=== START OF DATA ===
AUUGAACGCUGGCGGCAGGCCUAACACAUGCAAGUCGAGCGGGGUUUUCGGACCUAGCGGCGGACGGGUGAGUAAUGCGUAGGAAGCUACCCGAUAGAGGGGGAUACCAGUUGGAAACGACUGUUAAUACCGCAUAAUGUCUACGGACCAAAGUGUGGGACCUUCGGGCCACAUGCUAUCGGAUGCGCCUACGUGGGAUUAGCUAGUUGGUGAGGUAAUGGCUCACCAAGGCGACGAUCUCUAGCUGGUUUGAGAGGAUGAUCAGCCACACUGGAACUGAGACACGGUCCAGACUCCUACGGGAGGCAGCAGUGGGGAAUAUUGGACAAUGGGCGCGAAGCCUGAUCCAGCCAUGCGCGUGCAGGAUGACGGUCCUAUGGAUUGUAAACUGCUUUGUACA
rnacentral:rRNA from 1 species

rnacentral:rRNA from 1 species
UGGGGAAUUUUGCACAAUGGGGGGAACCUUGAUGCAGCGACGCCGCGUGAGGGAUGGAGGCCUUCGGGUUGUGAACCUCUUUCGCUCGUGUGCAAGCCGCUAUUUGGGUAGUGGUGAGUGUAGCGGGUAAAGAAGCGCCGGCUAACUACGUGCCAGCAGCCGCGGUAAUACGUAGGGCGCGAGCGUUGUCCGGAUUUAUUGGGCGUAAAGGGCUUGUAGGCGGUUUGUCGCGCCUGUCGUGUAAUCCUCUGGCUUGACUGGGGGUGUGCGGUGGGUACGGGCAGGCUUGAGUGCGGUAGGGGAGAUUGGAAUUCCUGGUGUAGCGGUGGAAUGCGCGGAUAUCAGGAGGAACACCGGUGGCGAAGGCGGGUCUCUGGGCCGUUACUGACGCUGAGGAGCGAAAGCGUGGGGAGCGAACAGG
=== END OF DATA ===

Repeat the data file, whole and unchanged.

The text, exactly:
AUUGAACGCUGGCGGCAGGCCUAACACAUGCAAGUCGAGCGGGGUUUUCGGACCUAGCGGCGGACGGGUGAGUAAUGCGUAGGAAGCUACCCGAUAGAGGGGGAUACCAGUUGGAAACGACUGUUAAUACCGCAUAAUGUCUACGGACCAAAGUGUGGGACCUUCGGGCCACAUGCUAUCGGAUGCGCCUACGUGGGAUUAGCUAGUUGGUGAGGUAAUGGCUCACCAAGGCGACGAUCUCUAGCUGGUUUGAGAGGAUGAUCAGCCACACUGGAACUGAGACACGGUCCAGACUCCUACGGGAGGCAGCAGUGGGGAAUAUUGGACAAUGGGCGCGAAGCCUGAUCCAGCCAUGCGCGUGCAGGAUGACGGUCCUAUGGAUUGUAAACUGCUUUGUACA
rnacentral:rRNA from 1 species

rnacentral:rRNA from 1 species
UGGGGAAUUUUGCACAAUGGGGGGAACCUUGAUGCAGCGACGCCGCGUGAGGGAUGGAGGCCUUCGGGUUGUGAACCUCUUUCGCUCGUGUGCAAGCCGCUAUUUGGGUAGUGGUGAGUGUAGCGGGUAAAGAAGCGCCGGCUAACUACGUGCCAGCAGCCGCGGUAAUACGUAGGGCGCGAGCGUUGUCCGGAUUUAUUGGGCGUAAAGGGCUUGUAGGCGGUUUGUCGCGCCUGUCGUGUAAUCCUCUGGCUUGACUGGGGGUGUGCGGUGGGUACGGGCAGGCUUGAGUGCGGUAGGGGAGAUUGGAAUUCCUGGUGUAGCGGUGGAAUGCGCGGAUAUCAGGAGGAACACCGGUGGCGAAGGCGGGUCUCUGGGCCGUUACUGACGCUGAGGAGCGAAAGCGUGGGGAGCGAACAGG